CMV Remains a Concern Because of Lack of Research

Christopher Zahn, MD; Brenna Hughes, MD, MSc


December 02, 2016

Cytomegalovirus (CMV) is the most common congenital viral infection. A recent article in the New York Times drew important attention to the disease. The article highlights the stories of four families tragically affected by the virus. Although CMV is a serious illness for consideration by ob/gyns and expecting mothers, there is quite a bit of nuance and detail to understand about CMV research and preventive guidelines that are not captured in the New York Times article.

It is important to understand the risks for CMV transmission and outcomes. About 1 in every 150 infants is born with congenital CMV infection. However, only about 1 in 5 with congenital CMV infection will be symptomatic.[1] Although rates of exposure and infection are relatively high, quality research on the topic has been frustratingly limited. Historically, women's healthcare providers have relied upon weak research to dictate guidelines for prevention—mostly hygiene measures, such as increased handwashing and avoiding contact with children (including kissing them).

At the American College of Obstetricians and Gynecologists (ACOG), our aim is to incorporate the highest-quality evidence in all of our recommendations; however, in the absence of high-quality data, lower-quality research may be considered, often with support from expert opinion. In the case of hygiene measures for CMV prevention, the existing data are of low quality.

The highest quality of research is a randomized controlled trial. No published randomized trials have examined the impact of hygiene measures to prevent maternal acquisition of CMV. The only randomized trial was done in conjunction with the Centers for Disease Control and Prevention, and the outcome was change in maternal behavior, not CMV acquisition.[2] This study brought both new understanding and the most reliable data to guidance for CMV prevention and treatment. As a result, in 2015, ACOG reviewed and updated our CMV guidelines, determining that our prior recommendation of increased hygiene measures was not supported by the quality of the existing data.[3,4,5]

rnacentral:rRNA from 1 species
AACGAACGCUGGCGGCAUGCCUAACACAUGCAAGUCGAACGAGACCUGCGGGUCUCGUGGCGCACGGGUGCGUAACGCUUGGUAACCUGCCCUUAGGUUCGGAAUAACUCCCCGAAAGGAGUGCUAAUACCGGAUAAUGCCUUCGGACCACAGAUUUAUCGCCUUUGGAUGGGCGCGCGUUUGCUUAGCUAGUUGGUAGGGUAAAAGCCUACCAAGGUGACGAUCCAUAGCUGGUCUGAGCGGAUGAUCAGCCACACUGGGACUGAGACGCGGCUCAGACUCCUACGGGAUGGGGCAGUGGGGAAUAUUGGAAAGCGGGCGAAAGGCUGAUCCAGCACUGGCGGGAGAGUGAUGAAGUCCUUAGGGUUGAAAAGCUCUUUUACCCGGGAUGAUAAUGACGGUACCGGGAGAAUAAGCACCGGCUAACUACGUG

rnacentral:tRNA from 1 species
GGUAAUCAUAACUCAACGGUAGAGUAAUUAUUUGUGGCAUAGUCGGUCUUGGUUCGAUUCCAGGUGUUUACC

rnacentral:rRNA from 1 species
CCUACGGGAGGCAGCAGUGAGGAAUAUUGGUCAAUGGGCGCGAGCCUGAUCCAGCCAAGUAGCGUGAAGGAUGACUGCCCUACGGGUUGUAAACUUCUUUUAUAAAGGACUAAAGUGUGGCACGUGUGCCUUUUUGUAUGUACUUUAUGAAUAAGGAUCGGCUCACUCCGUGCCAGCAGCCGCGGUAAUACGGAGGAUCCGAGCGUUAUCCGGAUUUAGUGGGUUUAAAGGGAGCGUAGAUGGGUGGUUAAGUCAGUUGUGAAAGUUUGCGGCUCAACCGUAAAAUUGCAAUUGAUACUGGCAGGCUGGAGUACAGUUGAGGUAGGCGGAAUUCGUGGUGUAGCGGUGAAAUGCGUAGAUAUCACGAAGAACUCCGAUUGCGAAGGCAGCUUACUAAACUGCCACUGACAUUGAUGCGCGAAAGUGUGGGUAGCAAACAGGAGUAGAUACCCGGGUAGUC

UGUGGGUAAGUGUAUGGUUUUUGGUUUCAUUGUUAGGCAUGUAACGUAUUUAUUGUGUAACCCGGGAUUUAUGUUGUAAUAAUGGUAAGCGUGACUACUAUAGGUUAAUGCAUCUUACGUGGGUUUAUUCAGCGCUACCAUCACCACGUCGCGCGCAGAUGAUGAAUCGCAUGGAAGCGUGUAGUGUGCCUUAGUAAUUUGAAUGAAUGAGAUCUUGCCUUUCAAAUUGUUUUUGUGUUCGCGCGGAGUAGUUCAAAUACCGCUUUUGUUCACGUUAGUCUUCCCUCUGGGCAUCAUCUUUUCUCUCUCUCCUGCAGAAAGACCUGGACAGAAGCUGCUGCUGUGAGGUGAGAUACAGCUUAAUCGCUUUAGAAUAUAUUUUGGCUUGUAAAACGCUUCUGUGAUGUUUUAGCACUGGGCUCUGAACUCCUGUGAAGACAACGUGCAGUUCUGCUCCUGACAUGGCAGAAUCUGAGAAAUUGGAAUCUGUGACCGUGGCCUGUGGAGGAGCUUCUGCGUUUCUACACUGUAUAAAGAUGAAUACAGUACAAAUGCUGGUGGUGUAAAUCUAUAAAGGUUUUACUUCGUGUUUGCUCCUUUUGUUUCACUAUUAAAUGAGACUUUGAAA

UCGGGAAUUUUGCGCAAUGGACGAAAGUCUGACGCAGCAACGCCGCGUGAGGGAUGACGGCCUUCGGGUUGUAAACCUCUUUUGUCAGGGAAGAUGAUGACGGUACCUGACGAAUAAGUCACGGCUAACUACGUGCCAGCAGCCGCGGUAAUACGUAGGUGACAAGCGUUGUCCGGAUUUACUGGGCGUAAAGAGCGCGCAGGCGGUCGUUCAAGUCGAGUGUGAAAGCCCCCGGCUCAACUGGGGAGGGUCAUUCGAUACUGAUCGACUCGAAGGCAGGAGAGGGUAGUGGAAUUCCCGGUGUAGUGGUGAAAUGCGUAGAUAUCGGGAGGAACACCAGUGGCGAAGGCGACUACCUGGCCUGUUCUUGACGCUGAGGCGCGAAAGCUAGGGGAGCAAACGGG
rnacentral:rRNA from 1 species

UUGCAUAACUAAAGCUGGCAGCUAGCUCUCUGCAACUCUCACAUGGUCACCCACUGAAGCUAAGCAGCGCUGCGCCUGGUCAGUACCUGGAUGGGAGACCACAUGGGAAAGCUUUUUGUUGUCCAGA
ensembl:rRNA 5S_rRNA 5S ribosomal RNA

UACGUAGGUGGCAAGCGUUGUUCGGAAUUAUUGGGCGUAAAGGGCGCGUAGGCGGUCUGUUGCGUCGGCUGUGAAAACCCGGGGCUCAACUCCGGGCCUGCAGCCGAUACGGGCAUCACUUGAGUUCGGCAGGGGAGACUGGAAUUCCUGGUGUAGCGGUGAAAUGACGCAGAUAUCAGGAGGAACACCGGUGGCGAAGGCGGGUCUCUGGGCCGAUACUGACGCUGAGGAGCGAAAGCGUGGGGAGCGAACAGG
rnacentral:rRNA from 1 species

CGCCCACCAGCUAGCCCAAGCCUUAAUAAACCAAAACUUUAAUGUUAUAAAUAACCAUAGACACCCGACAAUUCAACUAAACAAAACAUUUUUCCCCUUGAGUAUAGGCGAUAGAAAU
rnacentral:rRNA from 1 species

The Problems With 'Hygiene Measures'

For some, this raises the question, "What's the harm in advising women to wash their hands more often?" The term "hygiene measures," however, includes much more than simple handwashing and could lead pregnant women to avoid physical contact with their own children. Over the years, we have found that recommendations are sometimes made because they seem like they "just make sense"; however, when that principle is applied, there may be unintended consequences that result in harm, with no clear corresponding benefit as a result of the intervention.

In the case of CMV, we see that the burden of preventive techniques varies. Whereas some suggestions, such as handwashing, are innocuous, others are much harder or impractical, or even unpleasant, to implement—for example, refraining from kissing your baby or toddler or wearing gloves while handling your child. CMV prevention advice could be recommended once we know whether it is effective. The risk for harm at this time relates to a mother's ability to bond with her children, rather than more easily adopted tactics typically recommended during pregnancy, such as avoiding certain groups of foods or changing kitty litter.